When it comes to one product with the most household uses, vinegar makes a nice showing but table salt comes out on top. From cooking to cleaning, there's a large list of uses for the cheaply priced mineral. It's no wonder wars broke out because of it.
Salt is a versatile and frugal cleaning product. Compared to high priced, abrasive cleaners, salt is easily the better option for removing stains and odors from the house.
If yellowing is a problem with enamel fixtures and coatings, use a salt and turpentine mixture to scrub the surface. It won't damage the enamel the way other cleaners will, and it will remove the yellowing easily. Salt also works as a scrubbing agent for hard water deposits on enamel and sinks. For these applications, it's best to use non-iodized salt and to rinse completely.
If white is the color to erase, salt can do that, too. Before you set out to sand and refinish a wooden table that has white heat marks from hot dishes or mugs, mix salt and salad oil to create a thin paste. Spread the paste on the mark, rub, and wipe away the salt mixture and the white ring.
Add salt to vinegar to form a paste, and you have a copper and brass cleaner that removes tarnish without the harsh chemical smells and dangers of normal cleaners (not to mention their overwhelming prices). Plain non-iodized salt also works as a silver polish.
As a natural grease buster, mix a heavy salt water solution to pour down kitchen drains. It removes grease and smells. Use the same solution to clean any greasy surface.
Laundering heavy fabrics in slightly salty water will bring out their colors, making them appear brighter. This works great for sun-washed curtains. If linens have acquired a yellow look, add a few pinches of salt and baking soda to a pot of boiling water. Then, boil the linen in the water for an hour, and the yellow will have disappeared.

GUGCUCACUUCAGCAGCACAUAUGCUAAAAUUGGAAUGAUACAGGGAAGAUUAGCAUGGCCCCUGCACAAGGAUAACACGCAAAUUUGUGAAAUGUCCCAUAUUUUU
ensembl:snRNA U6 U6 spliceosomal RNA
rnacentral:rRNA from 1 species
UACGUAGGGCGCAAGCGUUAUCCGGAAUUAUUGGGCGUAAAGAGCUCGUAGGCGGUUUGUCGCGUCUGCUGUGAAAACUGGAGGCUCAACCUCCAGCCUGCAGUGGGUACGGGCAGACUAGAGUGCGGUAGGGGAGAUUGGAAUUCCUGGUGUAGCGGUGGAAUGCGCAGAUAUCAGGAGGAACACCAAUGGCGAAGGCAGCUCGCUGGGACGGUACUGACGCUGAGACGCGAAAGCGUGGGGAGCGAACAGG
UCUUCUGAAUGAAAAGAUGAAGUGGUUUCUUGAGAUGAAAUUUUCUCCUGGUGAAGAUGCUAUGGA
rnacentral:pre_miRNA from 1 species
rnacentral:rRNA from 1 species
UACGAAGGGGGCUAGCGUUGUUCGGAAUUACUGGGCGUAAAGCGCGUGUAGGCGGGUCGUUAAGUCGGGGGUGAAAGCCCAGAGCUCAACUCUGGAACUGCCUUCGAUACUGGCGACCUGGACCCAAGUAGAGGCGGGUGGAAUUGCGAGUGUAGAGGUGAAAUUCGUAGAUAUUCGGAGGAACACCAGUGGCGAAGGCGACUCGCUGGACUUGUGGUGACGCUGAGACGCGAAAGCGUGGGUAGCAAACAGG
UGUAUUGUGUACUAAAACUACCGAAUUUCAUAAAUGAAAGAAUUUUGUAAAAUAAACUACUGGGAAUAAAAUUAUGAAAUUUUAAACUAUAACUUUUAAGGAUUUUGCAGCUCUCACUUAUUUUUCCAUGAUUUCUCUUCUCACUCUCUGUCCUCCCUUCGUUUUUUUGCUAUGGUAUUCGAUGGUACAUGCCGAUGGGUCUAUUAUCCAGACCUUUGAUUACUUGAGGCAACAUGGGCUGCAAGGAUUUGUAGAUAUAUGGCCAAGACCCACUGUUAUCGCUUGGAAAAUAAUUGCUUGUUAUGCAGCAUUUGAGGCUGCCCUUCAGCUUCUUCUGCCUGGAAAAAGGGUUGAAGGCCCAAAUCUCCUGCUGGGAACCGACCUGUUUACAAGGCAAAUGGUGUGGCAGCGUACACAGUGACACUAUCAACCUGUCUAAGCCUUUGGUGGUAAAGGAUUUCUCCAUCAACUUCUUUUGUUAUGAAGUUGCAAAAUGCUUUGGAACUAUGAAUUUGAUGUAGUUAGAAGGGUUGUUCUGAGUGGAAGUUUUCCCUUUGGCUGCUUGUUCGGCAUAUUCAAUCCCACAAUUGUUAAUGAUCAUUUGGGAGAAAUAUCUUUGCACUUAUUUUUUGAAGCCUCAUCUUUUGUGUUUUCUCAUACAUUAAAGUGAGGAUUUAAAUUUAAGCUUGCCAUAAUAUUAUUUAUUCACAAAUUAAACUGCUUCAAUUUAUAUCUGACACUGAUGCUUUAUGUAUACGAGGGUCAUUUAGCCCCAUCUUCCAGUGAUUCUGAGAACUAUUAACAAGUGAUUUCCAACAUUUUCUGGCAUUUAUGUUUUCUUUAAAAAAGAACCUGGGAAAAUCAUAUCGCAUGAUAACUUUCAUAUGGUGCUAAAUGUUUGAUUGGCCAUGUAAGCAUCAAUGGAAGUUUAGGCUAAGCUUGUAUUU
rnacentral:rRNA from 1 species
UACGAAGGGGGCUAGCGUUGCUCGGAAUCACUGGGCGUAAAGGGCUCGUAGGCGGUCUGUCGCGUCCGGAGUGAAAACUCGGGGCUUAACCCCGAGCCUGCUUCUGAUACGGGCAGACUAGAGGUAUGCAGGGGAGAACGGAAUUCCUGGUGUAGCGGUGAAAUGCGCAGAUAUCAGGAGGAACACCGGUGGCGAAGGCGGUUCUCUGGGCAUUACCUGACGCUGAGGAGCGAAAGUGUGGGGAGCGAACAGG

After purchasing new taper candles, soak them in a salt water solution overnight. When they're dry and lit they won't drip and ruin your tablecloth.
To remove the closed up smell associated with thermoses and other sealed containers, add salt to it before sealing it. Just remember to dump it out before filling, or you'll have salty coffee in the morning.
Salt water makes an excellent mouthwash. It disinfects and deodorizes naturally. When a sore throat approaches, gargle with a salt water solution to prevent it from progressing and to soothe the irritation.
This is a garden use, but long-term it's a healthcare tip. Instead of spending $5 or more on a bottle of poison ivy spray, kill the plants with a hearty spritz of salt. Mix 3 pounds of salt per gallon of soapy water and spray it onto the poison's leaves. Your yard will be rid of the poisonous pest in no time.
The wives' tale about salt water boiling faster is false. However, salt water does boil at a higher temperature, shortening boiling times for foods. It also adds an extra kick to water vaporizers, pushing more vapor into your air. (It does seem to shorten the life of the vaporizer, however.)
If you're boiling eggs, add a pinch of salt to the water. The salt will make the shell not only come off in larger pieces but it will slide off the egg without tearing the whites and destroying the overall look of the egg.
Salt water eliminates oxidation (browning) of apple and potatoes. Why stock up on expensive lemon juice when a pinch of your table salt and water will do the same thing?
Salt is an excellent option to use to put out a grease fire. Dump handfuls of it onto the flames. Never use water on a grease fire.
Immediately after making a salad for dinner or lunch, add some salt to the lettuce. Immediate light salting goes unnoticed to the tongue but keeps the salad greens from wilting, producing a fresh, crisp salad all day.
Wrap expensive hard cheeses in a salted cloth to prevent molding.
To remove the smell of burned food from ovens and stove burners, heat the elements and then sprinkle a mixture of salt and cinnamon onto them. Let the elements cool, and scrape or wipe the dried salt/cinnamon. The burned smell will be banished.
About The Author: Kelly Ann Butterbaugh is a freelance writer who regularly contributes to a variety of magazines and has written a history book for middle readers. Visit her website for writing help, lesson plans, history fun, or work for hire at http://www.kellybutterbaugh.com
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